We were driving down the city’s main road, my father’s cheeks twitching, a stress rash reddening his face. Short-lived supernovae, flashing upon approaching windscreens, gleamed like “brilliant” ideas.
“They’re jealous,” my father said, “about me having Western Australia.”
Silence normally reigned when he drove.
A hovering magpie forced a kid up against a tree trunk, how to escape current circumstances a common dilemma.
“Jealousy towards a big fish in a small pond,” my father said.
I didn’t know what he meant. His green eyes’ intensity highlighted their smallness. Green parrots, a local species, dotted the street’s powerlines. They faced sudden death. We faced slow deterioration.
A bus flashed past a bus stop. Ignorant it was an express, a man waved an angry arm. Deeper inaccuracies affected my father.
“Yesterday,” he said, “I made some guys walk back to the Highway Hotel, where we’d been drinking, from that street there.”
The Highway Hotel was a mile away. The area’s houses, behind high walls, exuded emboldening intimacy. Outside that intimacy, anonymity disappeared, enhancing failure’s embarrassments.
“They didn’t believe it when I said I’d bought a property here,” he said. “We got into my car at the pub and drove to the property. I had the title deeds in my glovebox.”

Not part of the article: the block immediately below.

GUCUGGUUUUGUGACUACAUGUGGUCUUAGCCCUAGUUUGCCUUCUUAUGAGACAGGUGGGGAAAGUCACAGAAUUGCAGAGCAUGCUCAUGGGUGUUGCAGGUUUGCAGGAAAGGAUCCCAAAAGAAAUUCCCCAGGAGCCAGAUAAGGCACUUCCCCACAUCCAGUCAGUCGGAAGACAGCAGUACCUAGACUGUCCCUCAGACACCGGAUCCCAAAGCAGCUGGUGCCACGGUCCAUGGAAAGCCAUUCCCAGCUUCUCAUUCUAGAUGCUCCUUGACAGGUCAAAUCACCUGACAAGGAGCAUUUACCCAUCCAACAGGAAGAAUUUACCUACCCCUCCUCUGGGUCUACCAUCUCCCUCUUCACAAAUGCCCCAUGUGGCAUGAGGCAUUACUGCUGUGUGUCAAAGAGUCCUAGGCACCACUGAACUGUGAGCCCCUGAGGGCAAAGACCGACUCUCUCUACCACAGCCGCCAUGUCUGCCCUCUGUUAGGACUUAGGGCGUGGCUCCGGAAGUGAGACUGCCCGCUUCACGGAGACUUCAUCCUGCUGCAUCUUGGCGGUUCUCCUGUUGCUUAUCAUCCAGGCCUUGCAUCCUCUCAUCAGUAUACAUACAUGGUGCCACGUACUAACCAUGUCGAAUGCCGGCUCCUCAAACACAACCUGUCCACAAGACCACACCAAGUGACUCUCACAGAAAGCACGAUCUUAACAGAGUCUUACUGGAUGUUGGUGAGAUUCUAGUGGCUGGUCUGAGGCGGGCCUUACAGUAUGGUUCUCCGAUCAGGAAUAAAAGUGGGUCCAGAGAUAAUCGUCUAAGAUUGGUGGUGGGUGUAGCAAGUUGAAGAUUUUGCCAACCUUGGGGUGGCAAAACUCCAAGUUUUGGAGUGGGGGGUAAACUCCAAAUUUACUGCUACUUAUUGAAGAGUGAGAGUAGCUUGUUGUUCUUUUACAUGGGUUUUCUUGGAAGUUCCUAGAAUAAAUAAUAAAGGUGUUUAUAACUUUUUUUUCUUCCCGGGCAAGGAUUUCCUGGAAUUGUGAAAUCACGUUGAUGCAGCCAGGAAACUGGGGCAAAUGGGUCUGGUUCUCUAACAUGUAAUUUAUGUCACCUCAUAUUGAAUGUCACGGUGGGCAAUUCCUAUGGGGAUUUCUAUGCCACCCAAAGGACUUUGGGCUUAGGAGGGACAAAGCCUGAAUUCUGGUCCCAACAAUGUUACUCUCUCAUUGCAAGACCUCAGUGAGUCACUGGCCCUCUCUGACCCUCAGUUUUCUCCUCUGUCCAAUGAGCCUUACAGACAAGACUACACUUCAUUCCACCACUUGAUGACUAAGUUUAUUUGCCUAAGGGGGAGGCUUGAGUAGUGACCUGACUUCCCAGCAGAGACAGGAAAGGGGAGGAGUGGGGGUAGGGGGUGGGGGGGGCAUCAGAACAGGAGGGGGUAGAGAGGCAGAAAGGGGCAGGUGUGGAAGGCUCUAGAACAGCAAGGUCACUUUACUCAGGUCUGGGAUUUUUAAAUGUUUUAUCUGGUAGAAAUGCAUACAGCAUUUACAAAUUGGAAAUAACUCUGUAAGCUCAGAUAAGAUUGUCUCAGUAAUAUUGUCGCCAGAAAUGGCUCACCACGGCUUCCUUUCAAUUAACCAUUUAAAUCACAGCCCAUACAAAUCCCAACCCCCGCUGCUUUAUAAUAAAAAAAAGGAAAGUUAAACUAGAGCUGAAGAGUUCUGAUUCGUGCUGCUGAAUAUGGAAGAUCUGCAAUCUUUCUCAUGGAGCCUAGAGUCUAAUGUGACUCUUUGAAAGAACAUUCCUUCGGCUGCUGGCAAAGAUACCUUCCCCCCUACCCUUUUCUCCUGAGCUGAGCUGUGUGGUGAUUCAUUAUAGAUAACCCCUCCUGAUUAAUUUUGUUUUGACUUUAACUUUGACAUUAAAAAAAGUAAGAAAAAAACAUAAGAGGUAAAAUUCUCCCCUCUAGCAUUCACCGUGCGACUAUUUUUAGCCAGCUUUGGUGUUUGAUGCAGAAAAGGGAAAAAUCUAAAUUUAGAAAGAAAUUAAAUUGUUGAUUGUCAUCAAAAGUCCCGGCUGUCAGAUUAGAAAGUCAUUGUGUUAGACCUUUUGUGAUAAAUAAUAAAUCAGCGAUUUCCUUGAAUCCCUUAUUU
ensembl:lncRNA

Where else are title deeds kept?
I battled our mutual inadequacy. Someone I had known years before, whom I had recently run into, had asked: “Are you still full of bullshit?”
“They said,” my father continued, eyes like green fires of dismay, “that I couldn’t have bought it. Showing them the title deeds shut them up. I said I didn’t buy it, I snared it. The previous owner had inherited it. She needed cash fast, so she made a quick sale. When they tried getting into the car to go back to the pub, I told them to walk back.”
His satisfaction’s brittleness opposed success’s solidity. Power creates reality, influence and cunning needed for that.
An ambulance, desperate for arrival, shot by, its red lights flashing like my father’s green eyes.
Years later, I realised he had been sacked for dispensing with potential clients. He had once said: “I dispense with small-order time wasters.”
But small expands.
His first date with the property owner’s simple, but sympathetic, daughter, just before the Title Deed Incident, had flung his imagination over the precipice of exaggeration, stimulating another of his creations of success.
Only my brothers and the property owner’s family went to his funeral.
Kim Farleigh has worked for NGOs in Greece, Kosovo, Iraq, Palestine, and Macedonia. He likes painting, art, bullfighting, photography and architecture, which might explain why this Australian lives in Madrid. 188 of his stories have been accepted by 109 different magazines.